Icaza's post, and the subsequent discussions on various networks, prompted a much more detailed post from prolific open source hacker Michael Meeks, who reasons that turning away third-party developers is only one of the reasons for Linux's poor show on the desktop.
While Meeks mostly agreed with Icaza's conclusion that "we're still facing a huge uphill struggle", to make Linux an attractive desktop offering, he thinks there are more reasons behind it than those highlighted by Icaza:
"My punchline is that the Linux desktop faces a huge and multi-factored ecosystem challenge, there is no single simple issue to fix."
Pre-installs are key
In fact, Meeks argues that the "Linux desktop stack (with existing frozen/back-compatible API/ABIs) is not profoundly different from other operating systems". He goes on to add that "arguably it is better for ISVs, since we have access to open the lid on the box and work with each other."
Although Meeks thinks that this makes the Linux desktop preferable to independent developers, he reasons that we fail to attract developers because the competition, despite its lack of technological superiority, has "large, addressable markets". But this seems to be changing as third-party developers are warming up to the Linux desktop.
Meeks points to video game development and distribution company Valve Software, which is working with Intel to improve open source drivers to better support its wares. However, Meeks believes that even more important than encouraging app developers is attracting OEMs to ship computers with Linux pre-installed.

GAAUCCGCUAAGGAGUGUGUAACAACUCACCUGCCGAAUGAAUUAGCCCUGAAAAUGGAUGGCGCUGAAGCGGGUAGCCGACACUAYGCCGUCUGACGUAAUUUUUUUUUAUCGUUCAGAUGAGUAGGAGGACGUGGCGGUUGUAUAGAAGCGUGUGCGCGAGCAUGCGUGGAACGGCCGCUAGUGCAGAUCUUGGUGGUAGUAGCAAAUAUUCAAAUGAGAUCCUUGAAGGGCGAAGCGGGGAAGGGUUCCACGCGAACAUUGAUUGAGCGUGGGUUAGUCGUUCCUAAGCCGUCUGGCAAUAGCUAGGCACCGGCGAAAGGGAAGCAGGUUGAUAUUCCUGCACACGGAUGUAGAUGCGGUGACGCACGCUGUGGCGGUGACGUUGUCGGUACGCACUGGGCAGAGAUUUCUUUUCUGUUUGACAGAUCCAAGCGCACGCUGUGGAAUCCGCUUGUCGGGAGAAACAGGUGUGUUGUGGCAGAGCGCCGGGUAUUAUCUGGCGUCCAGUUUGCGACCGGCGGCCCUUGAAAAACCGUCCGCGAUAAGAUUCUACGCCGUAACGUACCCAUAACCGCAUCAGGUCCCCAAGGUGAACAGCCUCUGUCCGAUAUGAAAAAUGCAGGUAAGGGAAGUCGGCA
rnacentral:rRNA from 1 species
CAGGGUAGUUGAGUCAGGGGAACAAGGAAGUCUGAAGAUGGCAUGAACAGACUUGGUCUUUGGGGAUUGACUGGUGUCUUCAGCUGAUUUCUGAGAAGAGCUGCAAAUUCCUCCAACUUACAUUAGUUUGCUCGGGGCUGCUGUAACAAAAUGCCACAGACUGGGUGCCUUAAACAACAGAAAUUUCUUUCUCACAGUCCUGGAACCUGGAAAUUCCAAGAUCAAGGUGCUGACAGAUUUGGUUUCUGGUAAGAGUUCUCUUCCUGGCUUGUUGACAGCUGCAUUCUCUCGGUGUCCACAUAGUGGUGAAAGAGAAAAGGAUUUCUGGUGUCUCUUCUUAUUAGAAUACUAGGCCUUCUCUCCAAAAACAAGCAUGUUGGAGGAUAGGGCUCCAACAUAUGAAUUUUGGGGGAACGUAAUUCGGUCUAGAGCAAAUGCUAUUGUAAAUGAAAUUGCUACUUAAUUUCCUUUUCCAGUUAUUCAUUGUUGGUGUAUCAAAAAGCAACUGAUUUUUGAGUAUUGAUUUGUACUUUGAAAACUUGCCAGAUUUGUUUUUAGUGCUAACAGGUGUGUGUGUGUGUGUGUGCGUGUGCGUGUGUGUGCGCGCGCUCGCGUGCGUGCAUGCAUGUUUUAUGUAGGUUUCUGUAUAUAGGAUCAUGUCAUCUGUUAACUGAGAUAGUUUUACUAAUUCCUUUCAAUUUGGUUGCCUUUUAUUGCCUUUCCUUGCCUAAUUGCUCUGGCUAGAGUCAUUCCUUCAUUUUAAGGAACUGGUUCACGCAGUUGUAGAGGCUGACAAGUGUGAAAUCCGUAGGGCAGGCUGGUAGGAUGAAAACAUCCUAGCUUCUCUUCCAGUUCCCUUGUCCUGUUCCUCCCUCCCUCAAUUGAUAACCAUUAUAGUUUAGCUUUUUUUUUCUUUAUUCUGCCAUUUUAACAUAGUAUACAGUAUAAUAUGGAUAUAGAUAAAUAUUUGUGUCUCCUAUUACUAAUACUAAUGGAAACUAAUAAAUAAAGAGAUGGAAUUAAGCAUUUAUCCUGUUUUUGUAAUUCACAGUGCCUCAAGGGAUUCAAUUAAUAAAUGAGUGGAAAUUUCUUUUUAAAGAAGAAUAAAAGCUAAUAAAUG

Torvalds agrees. In an interaction in June 2012 with students at Aalto University, Finland, he said that a major reason for the lack of Linux on the desktop is that the average desktop user doesn't want to install an operating system: "You can't get a desktop unless you have pre-installs, and that hasn't happened."
Furthermore, he added that the reason behind Linux's success on the mobile platform "is not because people are downloading and installing disc images on their cell phone. No, it's because it comes on the cell phone pre-installed."
If you look hard enough, you'll find some vendors, including major ones like Dell, that sell machines with Linux pre-installed. There's also System76, ZaReason, the Linux Emporium, and Tiny Green PC, which sells its brand of small, fanless computers. Some distros, such as Debian, also maintain a list of OEMs that sell hardware pre-installed with its distro (www.debian.org/distrib/pre-installed). There's also a list of Linux-friendly hardware vendors at www.linuxpreloaded.com.
But since the OEMs don't need to dig in to their wallets to ship Linux on their hardware, shouldn't the stores be overflowing with Linux machines? According to Meeks, obtaining the OS is just one part of the OS pre-install process.
"One of the major business problems of hardware enablement is that it takes a constant investment of real cash to pay excellent engineers to make (brand new) hardware work reliably," writes Meeks. What he means by that is that despite it not costing anything to download and install Linux, there are additional costs to get the OS working on specific hardware configurations.
Again, one would assume that Linux has an upper hand here. After all, Meeks says, it has more drivers working out of the box than any other OS. But our advantage is negated by the Windows ecosystem, which distributes this cost among hardware vendors who write their own drivers, and by the Mac ecosystem, which ships a very limited set of hardware.
Furthermore, Meeks points out that "even if hardware can be perfectly enabled, fully translated, with accurate manuals, support and update plans, integrated with OEM's imaging infrastructure, etc, and at near-zero cost, this is still too expensive."